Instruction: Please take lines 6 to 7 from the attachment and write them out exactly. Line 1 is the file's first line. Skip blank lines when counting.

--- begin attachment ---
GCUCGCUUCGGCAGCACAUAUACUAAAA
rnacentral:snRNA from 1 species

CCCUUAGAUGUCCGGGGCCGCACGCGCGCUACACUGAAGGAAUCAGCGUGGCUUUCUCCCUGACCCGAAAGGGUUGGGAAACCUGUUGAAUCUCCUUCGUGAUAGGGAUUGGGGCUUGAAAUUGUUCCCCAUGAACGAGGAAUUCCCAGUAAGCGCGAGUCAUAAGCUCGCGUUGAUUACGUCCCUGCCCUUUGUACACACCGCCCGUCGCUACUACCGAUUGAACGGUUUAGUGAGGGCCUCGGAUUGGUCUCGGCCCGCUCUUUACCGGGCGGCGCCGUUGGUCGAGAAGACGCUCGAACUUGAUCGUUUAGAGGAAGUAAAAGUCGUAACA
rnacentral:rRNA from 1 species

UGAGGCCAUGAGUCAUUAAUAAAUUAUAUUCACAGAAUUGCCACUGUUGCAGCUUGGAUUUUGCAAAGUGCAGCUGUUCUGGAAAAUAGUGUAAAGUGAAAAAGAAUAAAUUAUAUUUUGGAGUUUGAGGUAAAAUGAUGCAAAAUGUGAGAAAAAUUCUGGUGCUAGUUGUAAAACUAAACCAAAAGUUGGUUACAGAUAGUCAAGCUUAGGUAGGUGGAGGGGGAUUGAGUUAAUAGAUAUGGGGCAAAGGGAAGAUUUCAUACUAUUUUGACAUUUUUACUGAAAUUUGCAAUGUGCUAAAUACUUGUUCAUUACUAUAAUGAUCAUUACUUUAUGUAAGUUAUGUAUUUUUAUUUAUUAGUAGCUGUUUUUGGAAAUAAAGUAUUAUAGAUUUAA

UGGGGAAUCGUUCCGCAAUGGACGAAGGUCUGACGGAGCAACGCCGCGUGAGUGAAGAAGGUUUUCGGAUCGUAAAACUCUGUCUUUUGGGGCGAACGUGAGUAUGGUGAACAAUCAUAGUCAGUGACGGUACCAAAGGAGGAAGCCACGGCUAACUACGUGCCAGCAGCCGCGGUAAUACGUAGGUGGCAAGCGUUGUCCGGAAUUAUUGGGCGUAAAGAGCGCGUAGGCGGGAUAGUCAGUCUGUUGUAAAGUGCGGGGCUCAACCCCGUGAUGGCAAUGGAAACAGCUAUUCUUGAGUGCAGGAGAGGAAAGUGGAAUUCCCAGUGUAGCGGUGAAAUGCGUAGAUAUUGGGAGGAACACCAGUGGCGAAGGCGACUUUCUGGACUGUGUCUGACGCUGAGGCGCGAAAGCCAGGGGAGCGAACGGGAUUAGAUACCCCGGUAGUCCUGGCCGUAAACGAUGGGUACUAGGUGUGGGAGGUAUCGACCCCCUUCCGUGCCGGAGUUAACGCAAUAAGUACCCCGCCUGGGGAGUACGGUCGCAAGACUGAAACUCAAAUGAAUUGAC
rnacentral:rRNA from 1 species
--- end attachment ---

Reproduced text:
UGGGGAAUCGUUCCGCAAUGGACGAAGGUCUGACGGAGCAACGCCGCGUGAGUGAAGAAGGUUUUCGGAUCGUAAAACUCUGUCUUUUGGGGCGAACGUGAGUAUGGUGAACAAUCAUAGUCAGUGACGGUACCAAAGGAGGAAGCCACGGCUAACUACGUGCCAGCAGCCGCGGUAAUACGUAGGUGGCAAGCGUUGUCCGGAAUUAUUGGGCGUAAAGAGCGCGUAGGCGGGAUAGUCAGUCUGUUGUAAAGUGCGGGGCUCAACCCCGUGAUGGCAAUGGAAACAGCUAUUCUUGAGUGCAGGAGAGGAAAGUGGAAUUCCCAGUGUAGCGGUGAAAUGCGUAGAUAUUGGGAGGAACACCAGUGGCGAAGGCGACUUUCUGGACUGUGUCUGACGCUGAGGCGCGAAAGCCAGGGGAGCGAACGGGAUUAGAUACCCCGGUAGUCCUGGCCGUAAACGAUGGGUACUAGGUGUGGGAGGUAUCGACCCCCUUCCGUGCCGGAGUUAACGCAAUAAGUACCCCGCCUGGGGAGUACGGUCGCAAGACUGAAACUCAAAUGAAUUGAC
rnacentral:rRNA from 1 species